Why do we pray?
What is the role of religion in your life today? Do you commune with the divine through rituals? Or is it a comforting routine, going to church or temple once a week or month? Are these questions making you uncomfortable? Do you think religion is a private act to be done in the confines of one's home, with family, and not something to declare publicly? These are the questions this book seeks to answer. Shoba Narayan travels across some of the most prominent places of worship in India and presents to her readers the mythologies, histories and contemporary relevance of these sites.
Shoba Narayan dreams of being a trapeze artist or a stand-up comedienne, both of which are unrealistically ambitious given that she is galactically un-funny and clumsy to boot.
Meanwhile, she writes about food, travel, fashion, art and her native India for many publications. They include Condenast Traveler (US edition), The National, Financial Times, Destinasian, Gourmet, Time, Silkroad, New York Times, Wall Street Journal, Washington Post, Town & Country, British Airways Highlife, Cathay Pacific’s Discovery, Singapore Airlines’ Silverkris, Knowledge@Wharton, Departures, Food & Wine, Saveur, Newsweek, Beliefnet and House Beautiful, among others. She is not sure why she said “among others” given that she has given a fairly exhaustive listing.
Shoba is a weekly columnist for Mint Lounge, an Indian business daily which is affiliated with the WSJ. She writes frequently for The National, based in Abu Dhabi. She does freelance features for a number of publications; and teaches an MBA course at the Indian Institute of Management, Bangalore.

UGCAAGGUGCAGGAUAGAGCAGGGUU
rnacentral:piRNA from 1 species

Shoba’s essays and commentaries have appeared on NPR’s All Things Considered Weekend. Her essay, The God of Small Feasts, that was published in Gourmet, won the James Beard Foundation’s MFK Fisher Award for Distinguished Writing. She is the author of a book, “Monsoon Diary: a memoir with recipes,” published by Random House (US) in 2003. It was a finalist for a James Beard Award.
Shoba graduated from the Columbia Journalism School with a Master of Science degree. The school awarded her a Pulitzer Travelling Fellowship given to the top three graduating students in the class. She used her fellowship to travel to Israel. She lives with her husband and two daughters in Bangalore, India. She can be reached at firstname.lastname@example.org